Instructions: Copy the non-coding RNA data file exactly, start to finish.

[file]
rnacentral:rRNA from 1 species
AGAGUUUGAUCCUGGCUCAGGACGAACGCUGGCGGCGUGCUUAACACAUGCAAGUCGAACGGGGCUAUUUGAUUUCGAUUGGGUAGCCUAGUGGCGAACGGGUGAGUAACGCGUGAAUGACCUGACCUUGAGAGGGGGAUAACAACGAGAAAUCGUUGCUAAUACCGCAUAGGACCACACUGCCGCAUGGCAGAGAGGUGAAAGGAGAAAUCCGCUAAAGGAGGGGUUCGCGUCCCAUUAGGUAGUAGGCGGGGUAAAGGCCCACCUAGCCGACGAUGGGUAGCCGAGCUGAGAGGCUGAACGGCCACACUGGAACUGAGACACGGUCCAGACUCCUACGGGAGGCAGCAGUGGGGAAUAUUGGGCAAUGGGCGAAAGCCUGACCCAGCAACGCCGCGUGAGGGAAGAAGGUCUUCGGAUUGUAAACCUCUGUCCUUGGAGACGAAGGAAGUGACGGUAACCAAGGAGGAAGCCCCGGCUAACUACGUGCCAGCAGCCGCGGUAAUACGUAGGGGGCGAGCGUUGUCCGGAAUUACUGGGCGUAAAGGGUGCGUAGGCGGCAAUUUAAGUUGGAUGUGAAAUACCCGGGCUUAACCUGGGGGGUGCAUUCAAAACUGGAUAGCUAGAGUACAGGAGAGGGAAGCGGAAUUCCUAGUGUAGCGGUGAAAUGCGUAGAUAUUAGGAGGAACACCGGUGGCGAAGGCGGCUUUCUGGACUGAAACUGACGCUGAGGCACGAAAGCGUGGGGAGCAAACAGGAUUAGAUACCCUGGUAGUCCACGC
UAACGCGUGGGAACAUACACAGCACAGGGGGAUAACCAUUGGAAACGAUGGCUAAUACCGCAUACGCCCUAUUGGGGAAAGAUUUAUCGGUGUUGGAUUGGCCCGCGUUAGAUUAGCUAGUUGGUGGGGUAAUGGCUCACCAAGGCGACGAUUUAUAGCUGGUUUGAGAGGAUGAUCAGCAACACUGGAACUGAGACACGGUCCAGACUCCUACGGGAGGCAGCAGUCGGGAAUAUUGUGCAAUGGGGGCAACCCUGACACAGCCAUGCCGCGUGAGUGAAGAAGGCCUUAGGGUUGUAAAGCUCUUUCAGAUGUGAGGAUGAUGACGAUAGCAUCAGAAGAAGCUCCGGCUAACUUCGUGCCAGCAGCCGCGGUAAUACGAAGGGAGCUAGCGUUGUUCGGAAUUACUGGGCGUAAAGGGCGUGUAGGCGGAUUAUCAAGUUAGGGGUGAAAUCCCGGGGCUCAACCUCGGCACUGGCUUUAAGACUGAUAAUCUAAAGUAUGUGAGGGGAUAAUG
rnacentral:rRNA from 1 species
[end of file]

rnacentral:rRNA from 1 species
AGAGUUUGAUCCUGGCUCAGGACGAACGCUGGCGGCGUGCUUAACACAUGCAAGUCGAACGGGGCUAUUUGAUUUCGAUUGGGUAGCCUAGUGGCGAACGGGUGAGUAACGCGUGAAUGACCUGACCUUGAGAGGGGGAUAACAACGAGAAAUCGUUGCUAAUACCGCAUAGGACCACACUGCCGCAUGGCAGAGAGGUGAAAGGAGAAAUCCGCUAAAGGAGGGGUUCGCGUCCCAUUAGGUAGUAGGCGGGGUAAAGGCCCACCUAGCCGACGAUGGGUAGCCGAGCUGAGAGGCUGAACGGCCACACUGGAACUGAGACACGGUCCAGACUCCUACGGGAGGCAGCAGUGGGGAAUAUUGGGCAAUGGGCGAAAGCCUGACCCAGCAACGCCGCGUGAGGGAAGAAGGUCUUCGGAUUGUAAACCUCUGUCCUUGGAGACGAAGGAAGUGACGGUAACCAAGGAGGAAGCCCCGGCUAACUACGUGCCAGCAGCCGCGGUAAUACGUAGGGGGCGAGCGUUGUCCGGAAUUACUGGGCGUAAAGGGUGCGUAGGCGGCAAUUUAAGUUGGAUGUGAAAUACCCGGGCUUAACCUGGGGGGUGCAUUCAAAACUGGAUAGCUAGAGUACAGGAGAGGGAAGCGGAAUUCCUAGUGUAGCGGUGAAAUGCGUAGAUAUUAGGAGGAACACCGGUGGCGAAGGCGGCUUUCUGGACUGAAACUGACGCUGAGGCACGAAAGCGUGGGGAGCAAACAGGAUUAGAUACCCUGGUAGUCCACGC
UAACGCGUGGGAACAUACACAGCACAGGGGGAUAACCAUUGGAAACGAUGGCUAAUACCGCAUACGCCCUAUUGGGGAAAGAUUUAUCGGUGUUGGAUUGGCCCGCGUUAGAUUAGCUAGUUGGUGGGGUAAUGGCUCACCAAGGCGACGAUUUAUAGCUGGUUUGAGAGGAUGAUCAGCAACACUGGAACUGAGACACGGUCCAGACUCCUACGGGAGGCAGCAGUCGGGAAUAUUGUGCAAUGGGGGCAACCCUGACACAGCCAUGCCGCGUGAGUGAAGAAGGCCUUAGGGUUGUAAAGCUCUUUCAGAUGUGAGGAUGAUGACGAUAGCAUCAGAAGAAGCUCCGGCUAACUUCGUGCCAGCAGCCGCGGUAAUACGAAGGGAGCUAGCGUUGUUCGGAAUUACUGGGCGUAAAGGGCGUGUAGGCGGAUUAUCAAGUUAGGGGUGAAAUCCCGGGGCUCAACCUCGGCACUGGCUUUAAGACUGAUAAUCUAAAGUAUGUGAGGGGAUAAUG
rnacentral:rRNA from 1 species